Most recently, I finished reading Red Harvest by one of the pioneers of hard-boiled detective fiction, Dashiell Hammett. It was published in 1929 and it tells the story of the nameless Continental-Op, a detective hired to investigate a murder in the small American town of Personville (affectionately referred to by the locals as ‘Poisonville’). Once he solves this crime, Elihu Wilsson, the de-facto king of Poisonville and father of the murder victim, hires the Op to sort out the escalating gang wars between men he himself hired to take care of a labor dispute. The Continental Op accepts however, justice for Elihu Wilsson is the last thing he has on his mind. What makes this book interesting is that it’s based on the author’s real life experiences as an operative for the Continental Detective Agency based in San Francisco. It comes across as formulaic at times but this is mostly due to the fact that it’s form has been imitated so often since it’s publication. It just goes to show how influential Red Harvest really was. Just don’t expect too much substance.

Well, it’s good to be back. See y’all later. I’ll try and come back a bit sooner this time!


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Twenty two becomes nineteen and I muse on The Bell Jar

Well, three more books have bitten the dust and my tally for the year has risen to a hefty six. Keith Richards’ autobiography, Life, was insightful and fun but, ultimately, not very substantial. The Hunger Games was a nice page-turner but it left many loose ends waiting to be resolved. I guess I’ll have to get around to reading the sequels someday but they’re certainly not at the top of my to-read list.

By far the best of the three books I’ve recently read was the late poet, Sylvia Plath’s only work of prose, The Bell Jar which is in the form of a novel. It is said to be semi-autobiographical which makes it an unsettling read as Plath committed suicide no more than a month after the book’s publication. Nevertheless, it is a fascinating look at clinical depression.

Nineteen year old, Esther Greenwood is an aspiring poet who recieves an internship working for a women’s magazine in New York. Her time at the magazine introduces her to many women of her age. These women are unlike Esther in that they seem to have a pre-determined path laid out before them that they are content with. By the end of her tenure working for the magazine, Esther gains a new, disheartening perspective on everyday life and once she returns to her home in Massachusetts, her lack of a future career path brings on feelings of inadequacy and a deep depression begins to consume her.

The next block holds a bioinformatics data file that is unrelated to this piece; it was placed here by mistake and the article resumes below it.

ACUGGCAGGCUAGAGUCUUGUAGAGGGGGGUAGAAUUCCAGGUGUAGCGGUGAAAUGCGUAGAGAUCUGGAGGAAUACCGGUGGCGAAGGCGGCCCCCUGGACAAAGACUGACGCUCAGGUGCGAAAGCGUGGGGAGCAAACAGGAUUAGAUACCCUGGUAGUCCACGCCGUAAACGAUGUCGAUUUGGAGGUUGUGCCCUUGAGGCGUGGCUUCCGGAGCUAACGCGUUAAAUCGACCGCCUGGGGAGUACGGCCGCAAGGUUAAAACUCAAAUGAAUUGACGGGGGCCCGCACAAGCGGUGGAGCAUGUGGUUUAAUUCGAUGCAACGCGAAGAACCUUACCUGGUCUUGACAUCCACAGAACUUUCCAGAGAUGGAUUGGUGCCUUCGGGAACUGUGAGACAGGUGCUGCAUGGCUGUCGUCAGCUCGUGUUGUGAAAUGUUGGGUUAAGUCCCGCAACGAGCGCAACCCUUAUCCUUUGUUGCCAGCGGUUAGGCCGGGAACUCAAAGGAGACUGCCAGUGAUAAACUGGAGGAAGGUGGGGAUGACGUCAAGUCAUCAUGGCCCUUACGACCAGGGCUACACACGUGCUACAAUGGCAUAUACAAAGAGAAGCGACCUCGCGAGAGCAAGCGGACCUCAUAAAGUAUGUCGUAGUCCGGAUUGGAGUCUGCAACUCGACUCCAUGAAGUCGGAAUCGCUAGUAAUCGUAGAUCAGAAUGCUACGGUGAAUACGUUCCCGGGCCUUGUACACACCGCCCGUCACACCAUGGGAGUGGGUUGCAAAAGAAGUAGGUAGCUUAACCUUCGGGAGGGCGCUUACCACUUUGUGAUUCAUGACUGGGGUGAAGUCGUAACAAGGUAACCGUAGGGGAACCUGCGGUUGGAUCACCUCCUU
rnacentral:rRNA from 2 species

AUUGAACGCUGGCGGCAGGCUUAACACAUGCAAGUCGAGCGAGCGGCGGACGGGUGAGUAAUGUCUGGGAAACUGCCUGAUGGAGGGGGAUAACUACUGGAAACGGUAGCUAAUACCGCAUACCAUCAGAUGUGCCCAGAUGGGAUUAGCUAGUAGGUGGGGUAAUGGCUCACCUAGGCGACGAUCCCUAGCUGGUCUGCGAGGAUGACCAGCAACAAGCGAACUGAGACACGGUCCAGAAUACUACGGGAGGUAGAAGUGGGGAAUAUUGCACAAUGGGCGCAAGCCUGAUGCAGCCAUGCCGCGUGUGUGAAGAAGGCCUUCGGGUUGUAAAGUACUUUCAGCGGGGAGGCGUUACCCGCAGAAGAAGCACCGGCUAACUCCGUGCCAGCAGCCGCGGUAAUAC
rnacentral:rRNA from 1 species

Sylvia Plath at work

I was expecting The Bell Jar to be well written as Sylvia Plath was a very highly acclaimed poet but some of the figurative language in this book really exceeded my expectations. The metaphor at the heart of the book slowly reveals itself over the course of the story and it is so simple yet so profound. I suppose that when I began reading this book, I thought that the dark subject matter would make it a slow and drawn out experience. On the contrary, The Bell Jar proved to me that a book about depression can still immerse you in it’s world no matter how far removed from the subject matter you are. Esther’s life at various asylums is one of deceptive banality; with dull routine threatening to give way to a bout of shock treatment any day. I think that it’s this mysterious quality that compelled me to read this book so voraciously.

Sylvia Plath commited suicide by way of carbon-monoxide poisoning in February, 1963. She left two children motherless and a husband a widower. The Bell Jar was a final cry from her soul. It is harrowing and somewhat prophetic but even if Plath had lived to this day and conquered her depression, this book would be no less important. If you have ever known anyone who has suffered from depression at any point in time, then The Bell Jar will give you an idea of how it felt to be in the skin of that person in their darkest hour.

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TOOT TOOT! I have a list of my favourite pop culture road trips and I’m not afraid to use it

Here is me performing an affirmative hand gesture